Estate Tax Reform: Harold Evensky and Diahann Lassus Weigh In

On the eve of potential reform to the estate tax, the mood is hopeful

There is a proposal in the Senate’s pending tax bill, The Tax Relief, Unemployment Insurance Reauthorization, and Job Creation Act of 2010, to revamp estate taxes for 2011 from what was scheduled to become law on Jan. 1 if Congress took no action. The current proposal would lower the maximum estate-tax rates, and raise the exclusions, from what they were in 2009.

For 2011 and 2102, this “temporary relief,” according to the draft of the bill, calls for “reinstatement of the estate tax; repeal of carryover basis; modifications to estate, gift, and generation-skipping transfer taxes;” and “applicable exclusion amount increased by unused exclusion amount of deceased spouse.”

“If it goes through as proposed—of course they could change it in January—it’ll mean, for most of us, that the estate tax has become less and less of a problem,” says Harold Evensky (left), president of Evensky & Katz Wealth Management, in Coral Gables, Fla.

According to a CCH Tax Briefing Bulletin on Friday, the proposed bill calls for:

  • 35% maximum estate-tax rate
  • $5 million exclusion for individuals; $10 million for married couples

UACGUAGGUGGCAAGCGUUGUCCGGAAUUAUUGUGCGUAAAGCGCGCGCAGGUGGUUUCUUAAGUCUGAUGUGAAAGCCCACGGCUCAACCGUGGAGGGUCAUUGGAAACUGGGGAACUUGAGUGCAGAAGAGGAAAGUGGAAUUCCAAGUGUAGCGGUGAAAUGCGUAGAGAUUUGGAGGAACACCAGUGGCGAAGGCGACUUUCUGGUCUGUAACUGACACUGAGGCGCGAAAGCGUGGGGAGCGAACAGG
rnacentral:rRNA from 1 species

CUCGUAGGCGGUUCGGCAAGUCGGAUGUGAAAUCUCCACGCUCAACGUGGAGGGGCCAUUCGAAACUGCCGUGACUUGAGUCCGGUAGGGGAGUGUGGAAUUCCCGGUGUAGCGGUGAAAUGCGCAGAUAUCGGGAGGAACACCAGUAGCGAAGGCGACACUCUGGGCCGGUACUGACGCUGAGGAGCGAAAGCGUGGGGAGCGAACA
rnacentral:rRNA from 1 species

• Stepped-up basis for “all assets included in the gross estate”
  • Repeal of carryover basis (used in 2010 on capital gains in estates)
  • Heirs can choose, for those who died during 2010, “carryover basis rules under EGTRRA or the revived stepped-up basis rules under the bill.”
  • Spouses can choose to use the “unused portion of the estate tax exclusion,” of the spouse who died before them

At $10 million for couples—we certainly have some clients it will hit but it’s a relatively small percentage, and I would say that’s true across the board for most advisors. So it will simply minimize the times we get concerned with trying to figure out how to manipulate, manage or avoid [estate taxes]. Joint and survivor insurance sales is likely to drop off,” Evensky explains. “Even at the $10 million [level], the tax rate has dropped significantly, so it makes [joint and survivor insurance] somewhat less competitive as an alternative investment.”

“That’s where the biggest impact is going to be,” Evensky adds, “on those practitioners who make a major part of their business by doing [joint and survivor insurance].”

If the first spouse to die doesn’t need their entire $5 million exclusion, a surviving spouse can use what’s left of that exemption, in addition to their own, boosting the exemption of the second spouse to die. “That’s interesting,” Evensky notes. “That would mean we don’t have to stand on our head to split estates—it would simplify things. We’re often trying to figure out things to equalize estates.”

Changes to the Generation-Skipping Tax, Gift Tax 

The new bill would change the generation-skipping tax (GST) for 2010: “the Senate bill provides for a zero percent GST rate for 2010 and a $5 million exemption.” For 2011, as the pending bill, CCH notes, “reunifies the gift and estate taxes, which were decoupled under EGTRRA,” the rates for 2011 and 2012 would match “the maximum estate tax rates and exclusion,” or 35% and a $5 million exclusion.

Retroactive Choice for Heirs of 2010 Estates